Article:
Chattanooga World War II veteran receives French Legion of Honor

Chattanooga World War II veteran receives French Legion of Honor

October 2nd, 2017 by Staff Report in Local Regional News

French Consul General Louis de Corail pins Captain Donald Seesenguth with the French Legion of Honor at the Georgia State Capitol in Atlanta

Photo by Contributed Photo /Times Free Press.

ATLANTA — A Chattanooga veteran who served as a B-17 bomber pilot in World War II on Monday received France's Legion of Honor, the highest decoration bestowed by that country.

Capt. Donald Seesenguth, 96, was pinned with the medal alongside six other veterans at the Georgia State Capitol in Atlanta.

The Legion of Honor, which recognizes outstanding service to the French Republic, was established by Napoleon Bonaparte in 1802.

Seesenguth enlisted in the U.S. Army Air Corps on Aug. 5, 1942. As a member of the 748th squadron of the 457th Bomb Group of the 8th Air Force, he flew 30 combat missions, including in campaigns over Normandy, northern France and the Ardennes region of Belgium, France and Luxembourg. On his last 20 missions he was the squadron lead pilot.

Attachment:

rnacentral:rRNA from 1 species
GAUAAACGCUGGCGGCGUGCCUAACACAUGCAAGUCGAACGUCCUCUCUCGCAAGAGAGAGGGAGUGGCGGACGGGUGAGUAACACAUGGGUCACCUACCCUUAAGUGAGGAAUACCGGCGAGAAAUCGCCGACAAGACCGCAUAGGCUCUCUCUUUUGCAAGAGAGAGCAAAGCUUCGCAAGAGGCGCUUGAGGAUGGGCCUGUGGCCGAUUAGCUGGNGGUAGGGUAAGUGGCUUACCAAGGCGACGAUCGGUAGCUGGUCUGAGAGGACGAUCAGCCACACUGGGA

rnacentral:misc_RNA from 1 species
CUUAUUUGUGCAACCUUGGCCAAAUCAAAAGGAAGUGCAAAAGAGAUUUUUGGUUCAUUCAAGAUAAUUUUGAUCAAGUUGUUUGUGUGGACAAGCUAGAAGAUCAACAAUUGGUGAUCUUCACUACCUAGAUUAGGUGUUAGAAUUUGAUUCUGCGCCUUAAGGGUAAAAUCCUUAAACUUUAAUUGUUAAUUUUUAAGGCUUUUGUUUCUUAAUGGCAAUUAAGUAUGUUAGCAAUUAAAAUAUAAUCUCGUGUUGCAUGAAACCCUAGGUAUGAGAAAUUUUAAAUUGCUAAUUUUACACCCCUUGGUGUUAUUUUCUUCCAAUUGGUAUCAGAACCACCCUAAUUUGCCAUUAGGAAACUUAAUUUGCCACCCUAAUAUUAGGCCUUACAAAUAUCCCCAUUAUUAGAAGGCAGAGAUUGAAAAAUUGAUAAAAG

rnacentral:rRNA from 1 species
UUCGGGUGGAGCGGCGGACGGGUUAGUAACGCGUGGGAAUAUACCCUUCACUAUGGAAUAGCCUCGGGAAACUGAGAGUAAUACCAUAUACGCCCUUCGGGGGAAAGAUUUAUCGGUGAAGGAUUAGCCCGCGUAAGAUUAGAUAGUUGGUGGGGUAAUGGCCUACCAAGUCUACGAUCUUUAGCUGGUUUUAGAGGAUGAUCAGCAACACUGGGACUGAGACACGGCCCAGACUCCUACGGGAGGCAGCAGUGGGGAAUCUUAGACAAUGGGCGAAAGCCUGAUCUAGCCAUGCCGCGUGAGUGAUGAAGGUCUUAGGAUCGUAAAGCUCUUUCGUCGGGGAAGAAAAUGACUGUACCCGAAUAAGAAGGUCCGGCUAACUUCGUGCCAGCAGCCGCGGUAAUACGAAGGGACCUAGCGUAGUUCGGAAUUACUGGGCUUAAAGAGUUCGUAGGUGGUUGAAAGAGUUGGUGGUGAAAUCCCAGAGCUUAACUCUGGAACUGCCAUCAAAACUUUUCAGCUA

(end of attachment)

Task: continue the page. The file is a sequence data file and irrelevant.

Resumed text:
On Dec. 24, 1944, as Seesenguth flew to assist U.S. ground troops at the Battle of the Bulge in Belgium, his aircraft was hit with shrapnel over enemy territory. A piece of shrapnel lodged in his left thigh but he kept piloting the plane and completed the mission.

Doctors were unable to remove the shrapnel, which remains in his thigh and earned him the Purple Heart. He also was awarded an Air Medal with four olive leaf clusters and the European-African-Middle Eastern Service Medal.

"You are true heroes. You will be our heroes forever," French Consulate General Louis de Corail told the veterans before pinning them with their medals.

"We, the French, we will never forget what you did to restore our freedom. And today, we also remember the ultimate sacrifice of so many of your comrades who rest on French soil. They will remain forever in our hearts," he added.

The other six veterans at Monday's ceremony came from across Georgia.

"We met six other recipients today that were equally deserving," Seesenguth said. "I felt honored to be invited."

Foreign nationals who have served France or the ideals it upholds may receive the Legion of Honor. They must have fought in one of the four main campaigns for the liberation of France: Normandy, Provence, Ardennes or Northern France.

Among the more than 90,000 Legion of Honor recipients are President Dwight D. Eisenhower, General Douglas MacArthur and the United States Military Academy at West Point.


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